Doubt and unbelief cannot be overcome by logical reasoning and proofs. The only treatment for doubt is punishment. (Promise and Deliverance S. G. De Graaf. Volume I. Page 65)

But he said to him, “If they do not listen to Moses and the Prophets, they will not be persuaded even if someone rises from the dead.” Luke 16:31

“For since the creation of the world His invisible attributes, His eternal power and divine nature, have been clearly seen, being understood through what has been made, so that they are without excuse.” Rom 1:20

One incongruity that exists in Christianity is the relationship between evidence (apologetics) and faith. On the one hand you will find many Christian apologists trying to defend their faith by a series of approaches that supposedly give evidence or support for their particular brand of Christianity. On the other hand, there is the emphasis on faith in “coming” to Christ even though faith, by definition, means “belief that is not based on proof.” Even the Bible says this in Hebrews 11:1 where faith is defined as “the assurance of things hoped for, the conviction of things not seen” (NASB). Some apologists will try to minimize this incongruity by stating there is enough evidence to bring you to faith and allow you to see that it is a rational and logical way to proceed. This is what Paul was getting at in Romans 1:20 (quoted above) – that by looking around at the world and looking at the wonder of creation, it clearly demonstrates that there is a god and we are without excuse for failing to believe. This is a position taken by many believers and may even have been a powerful argument at one time. For example, this quote is typical:

Paul tells us that the unbeliever is without excuse. God reveals Himself in two ways, directly through His Word and indirectly through a general revelation. God’s presence can be discerned through His creation. The very workings of the heavens proclaim that God exists. The marvel of life shows His hand. The more we learn about the cosmos that more we see the intricate design of creation. Anything designed to the procession of the universe cries out for a designer. (They Are Without Excuse)

Actually, not so much any more. With the advent of modern science, such a argument is vacuous. We know much more about the beginning of our universe and the evolution of life on this planet than the ancients ever did and, frankly, god can be easily left out of the equation. It is no longer “obvious” that there is a god that created all things. You can, of course, invoke a creator deity, but such a deity is not necessary to explain the universe or life on this planet. (e.g. see A Universe from Nothing: Why There Is Something Rather than Nothing by Lawrence M. Krauss and The Greatest Show on Earth by Richard Dawkins)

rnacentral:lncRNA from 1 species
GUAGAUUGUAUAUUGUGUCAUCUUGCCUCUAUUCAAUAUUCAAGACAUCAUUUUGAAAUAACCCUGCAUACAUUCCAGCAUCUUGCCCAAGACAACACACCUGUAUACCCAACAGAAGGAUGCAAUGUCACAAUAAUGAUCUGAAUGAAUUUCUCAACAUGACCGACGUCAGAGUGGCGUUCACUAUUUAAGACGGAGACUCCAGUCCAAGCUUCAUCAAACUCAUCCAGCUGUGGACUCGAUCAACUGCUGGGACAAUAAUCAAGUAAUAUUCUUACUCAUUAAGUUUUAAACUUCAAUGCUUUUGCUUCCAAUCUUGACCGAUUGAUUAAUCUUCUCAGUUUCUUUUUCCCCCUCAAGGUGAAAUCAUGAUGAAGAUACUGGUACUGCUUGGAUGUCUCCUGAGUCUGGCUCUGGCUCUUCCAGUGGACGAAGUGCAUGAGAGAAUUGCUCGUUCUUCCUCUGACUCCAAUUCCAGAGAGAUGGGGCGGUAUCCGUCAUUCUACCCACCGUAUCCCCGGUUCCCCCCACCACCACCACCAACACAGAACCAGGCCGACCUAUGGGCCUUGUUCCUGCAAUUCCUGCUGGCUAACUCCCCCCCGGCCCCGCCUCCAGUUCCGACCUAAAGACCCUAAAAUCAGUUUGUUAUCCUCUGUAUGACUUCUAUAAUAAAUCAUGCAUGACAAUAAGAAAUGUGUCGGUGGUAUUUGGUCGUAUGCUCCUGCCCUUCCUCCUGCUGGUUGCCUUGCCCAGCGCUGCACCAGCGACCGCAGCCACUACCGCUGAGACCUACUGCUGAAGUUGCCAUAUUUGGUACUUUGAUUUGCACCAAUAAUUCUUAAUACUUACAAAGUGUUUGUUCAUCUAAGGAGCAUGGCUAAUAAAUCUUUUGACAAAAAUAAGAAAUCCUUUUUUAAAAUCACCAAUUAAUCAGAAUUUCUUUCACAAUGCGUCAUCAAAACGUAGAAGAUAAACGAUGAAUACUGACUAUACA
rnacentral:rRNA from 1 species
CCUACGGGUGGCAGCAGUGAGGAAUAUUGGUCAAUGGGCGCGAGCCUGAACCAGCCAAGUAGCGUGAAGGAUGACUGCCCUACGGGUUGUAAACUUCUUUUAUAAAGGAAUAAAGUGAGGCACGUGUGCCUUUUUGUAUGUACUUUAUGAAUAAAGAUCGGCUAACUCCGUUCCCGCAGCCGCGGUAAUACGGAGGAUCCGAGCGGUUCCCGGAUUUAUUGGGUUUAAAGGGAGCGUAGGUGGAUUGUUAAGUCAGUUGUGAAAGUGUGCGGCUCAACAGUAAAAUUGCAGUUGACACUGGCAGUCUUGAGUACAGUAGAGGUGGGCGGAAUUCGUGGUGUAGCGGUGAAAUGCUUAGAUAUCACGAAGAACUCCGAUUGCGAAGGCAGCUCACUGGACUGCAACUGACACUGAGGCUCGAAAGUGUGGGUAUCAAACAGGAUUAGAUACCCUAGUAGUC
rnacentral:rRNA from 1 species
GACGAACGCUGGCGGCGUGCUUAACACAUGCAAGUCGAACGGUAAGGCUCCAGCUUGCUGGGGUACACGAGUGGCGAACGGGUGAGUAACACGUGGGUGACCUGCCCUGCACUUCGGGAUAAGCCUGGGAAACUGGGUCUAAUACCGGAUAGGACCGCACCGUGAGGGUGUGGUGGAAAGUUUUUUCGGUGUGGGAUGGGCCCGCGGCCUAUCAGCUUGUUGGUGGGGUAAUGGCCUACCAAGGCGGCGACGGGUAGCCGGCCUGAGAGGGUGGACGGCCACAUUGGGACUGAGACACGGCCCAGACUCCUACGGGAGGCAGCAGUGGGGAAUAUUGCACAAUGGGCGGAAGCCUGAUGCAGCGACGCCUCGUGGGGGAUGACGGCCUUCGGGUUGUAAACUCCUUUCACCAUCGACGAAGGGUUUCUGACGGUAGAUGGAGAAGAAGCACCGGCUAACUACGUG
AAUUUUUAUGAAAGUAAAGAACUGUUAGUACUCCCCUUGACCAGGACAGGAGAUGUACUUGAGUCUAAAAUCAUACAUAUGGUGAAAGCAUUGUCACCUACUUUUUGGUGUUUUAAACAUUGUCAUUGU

Once you get rid of Christianity’s red herring called evidence, it all comes down to faith. The Bible makes it clear that without faith “it is impossible to please him” (Heb 11:6, NASB). Every once in awhile someone in the Christian world, with brutal honesty, tells us what they really think about logic, proof and evidence. S. G. De Graaf (1889-1955) was such a person. He was a Reformed (Calvinist) minister in the Netherlands who wrote a massive 4 volume work called Promises and Deliverance. In it, as quoted above, he clearly stated that “Doubt and unbelief cannot be overcome by logical reasoning and proofs.” Actually, this makes complete sense coming from a Calvinistic and Reformed point of view. In this theology god is completely sovereign even in the area of salvation. God picks whom is to be saved and it is impossible to resist his call to salvation. All that He calls will come to Him as is seen in John 6:37-39:

All that the Father gives Me will come to Me, and the one who comes to Me I will certainly not cast out. For I have come down from heaven, not to do My own will, but the will of Him who sent Me. This is the will of Him who sent Me, that of all that He has given Me I lose nothing, but raise it up on the last day.

Resistance to this call then is not about evidence and not about proof but about plain old sin. It is also a resistence that is ultimately futile. So all the proof in the world falls on deaf ears. Luke 16:31 (quoted above) basically says the same thing. That even if someone rose from the dead (a forbearing of unbelief in light of the supposed resurrection of Christ), we are so hard hearted that we would still refuse to believe. Here, proof and logic are inconsequential. The only thing that will get someone’s attention is punishment. As De Graaf says, “The only treatment for doubt is punishment.” Basically, reason and logic don’t work, only punishment. This has the “ring” of truth to it if you are on the believer’s side of the fence. After all, the believer has faith so it is very tempting to trivialize unbelief as sin instead of lack of evidence. Even the apologist William Craig Jr. said: